John Denver played the [old St. Louis] Checkerdome — he freaked out when we hung the speakers! I’ve always prided myself in putting a system together that gets the best coverage no matter where we are. When I first started hanging “the flying junkyard” I had separate horns aimed in different directions to try to control what was going on. The new systems we have offer much better control. This is the second time we’ve had this system out. On the last tour, we were the first to take it out with the new waveguides in all the boxes. It just made all the difference in the world.

What speakers are you using?

It’s a JBL VTX-25-II, and it’s the best system we’ve ever had, the best of anything we’ve had on the road. We have a huge amount of power up there, like 1.2 million watts.

A bit different from the early days, eh?

When I first went out with Neil, I think I had two speakers, two 80-watt tube amps, and a four-channel mixer. No monitors at all back then, though I would sometimes have another speaker and turn it to the stage. I introduced stage monitors to Johnny Cash… but again, they can be a source of trouble.

Neil Diamond 50th Anniversary Tour photo by Michael Weintrob

I remember being in London, and we were going to play the Roundhouse. The night before we were to play there, I went down there to hear Elton John and Leon Russell. It was such a [fricking] acoustic disaster I was sick to my stomach. I had to go back to my hotel and lay down. The next night we went in there with our band and the addition of a string orchestra. We rehearsed them and I miked it, the whole time thinking it was going to be a disaster. Terrible acoustics with an installed system from a local sound company that wasn’t good. But I realized then, that the night before it was so loud because of all the stage monitors. Once we got rid of all the stage monitors, the show was perfect!

What board are you using on this tour?

Yamaha CL5 and Bernie has two CL1s. I used the CL5 on the last tour and it served us well. It’s easy to operate and does everything I need it to do. Now it has new software and it’s improved more. I wanted the PM10, but because neither Bernie nor myself had enough time to redo everything necessary to switch, and without doing that we couldn’t have taken advantage of hooking up the new Yamaha Digital Rio System. It all interfaces with Dante. I like the CL5 so much we bought it. It has 64 inputs, and I’m using under 40. And the recall on the mixer is great. When the system is working right and you can cue up the song, and channels open and close on their own… there is less mixing going on because of the recall ability. This gives me more time to listen to the music and concentrate, without worrying if the right channels and other settings are right. In the old days, you were always looking to see what channel was doing what and you couldn’t concentrate on the big picture.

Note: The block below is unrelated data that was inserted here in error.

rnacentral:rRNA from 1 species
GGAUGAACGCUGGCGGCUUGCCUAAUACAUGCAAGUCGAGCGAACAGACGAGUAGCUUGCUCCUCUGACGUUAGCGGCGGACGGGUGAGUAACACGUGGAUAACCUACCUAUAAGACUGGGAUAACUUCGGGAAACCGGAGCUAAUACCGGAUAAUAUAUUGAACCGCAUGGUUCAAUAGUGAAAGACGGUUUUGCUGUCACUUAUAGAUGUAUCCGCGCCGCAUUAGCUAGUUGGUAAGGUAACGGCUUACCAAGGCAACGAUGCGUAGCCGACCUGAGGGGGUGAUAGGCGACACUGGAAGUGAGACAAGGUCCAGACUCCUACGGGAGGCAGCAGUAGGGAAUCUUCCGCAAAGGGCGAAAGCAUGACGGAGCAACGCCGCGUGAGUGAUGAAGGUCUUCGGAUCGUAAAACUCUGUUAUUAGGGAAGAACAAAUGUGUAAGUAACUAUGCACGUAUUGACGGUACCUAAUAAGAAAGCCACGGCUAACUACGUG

Miller’s first show with Neil Diamond – Dec. 29, 1967, Kent Theater, Des Moines, IA

How many people are on stage?

Two keyboards, two background singers, two guitars, drums, percussionist, bass, and four horns. With Neil that’s a total of 14.

What mics are you using?

Almost all AKG. We like the sound of them. We used to use Shure, but the AKG dynamic was better for Neil’s voice. Over the years, we’ve tried several different things, but these sound good. The 414s are usually used for recording, but I’m using them on the overhead drums and on the horns. They have been very reliable and work every day, with a little careful handling.

Any crazy stuff going on the road like the old days?

[Pauses carefully] Sometimes we did some stupid things, but they were never that crazy. You have to remember I grew up in Nebraska! I once had bell-bottom pants, pageboy hair on the sides and bald on top. That was about as crazy as I got.

Any talk of retirement for Neil or you?

I have never heard Neil say the “R” word. As for me, I don’t know anything different. I’ve been on the road all these years. One night, Neil said on stage, “we just keep packing and unpacking” and I thought that’s what we do best! Some years ago, I told him, “If you keep going, I’ll try to keep up.”

 

Neil Diamond 50th Anniversary Tour

AUDIO CREW

  • Sound Company: Sound Image
  • Sound Designer/FOH Engineer: Stanley Miller
  • Monitor/Recording Engineer: Bernie Becker
  • Senior System Engineer: John Drane
  • FOH System Tech/PA Tech: Matt Grabe
  • FOH Tech: Jonathan Melton
  • Crew Chief, Monitor/RF Tech: Greg “Chico” Lopez
  • Stage Sound Tech: Scott Lawhead
  • P.A. Tech: Wayne “Chan” Teaster
  • Backline Techs: Peter Danilowicz (keys), Dave Wright (drums), Dave Rapp (horns), Kit Charlton (guitars)
  • Executive Sound Advisor: Sam Helms, Sigmet Corp.
  • Arch Angel Studio Manager & Archivist: Sam Cole


P.A. SYSTEM

  • Mains: (32) JBL VTX-25-II in L/R hangs of 16 each
  • Behind Stage Coverage: (12) JBL VerTec VT4886 in L/R hangs of 6 each
  • Stage Front Fill: (8) JBL VerTec VT4886
  • Out Fill/Side Fill Speakers: (64) JBL VTX V20
  • Subwoofers: (24) JBL VTX-S28 (12 per side)
  • Amplification: (96) Crown I-Tech 12000HD
  • System Control: (3) dbx DR-4800; (2) Dolby Lake LP8D8


FOH GEAR

  • FOH Console: Yamaha CL5
  • FOH Monitors: JBL LSR305’s
  • Analysis/Control Software: JBL HiQnet Performance Manager 2.3; Rational Acoustics Smaart 7
  • Signal Distro: Riedel RockNet; Yamaha DME64N


MON GEAR

  • Monitor Consoles: (2) Yamaha CL1’s
  • Outboard: Manley Mastering Slam!; Dangerous Bax EQ; dbx 160SL
  • Recording: Avid Pro Tools | HDX
  • Digital Clocking: Antelope Eclipse 384 64 bit Acoustically Focused Clock
  • IEM Hardware: AKG SPR 4500
  • Band Personal Monitor Mixers: Aviom A320’s
  • Mics: AKG D12VT, D40, D5, C414, 430, 518s
  • Wireless Mics: AKG DHT 700 series
  • D.I. Boxes: A-Designs REDDI tube direct boxes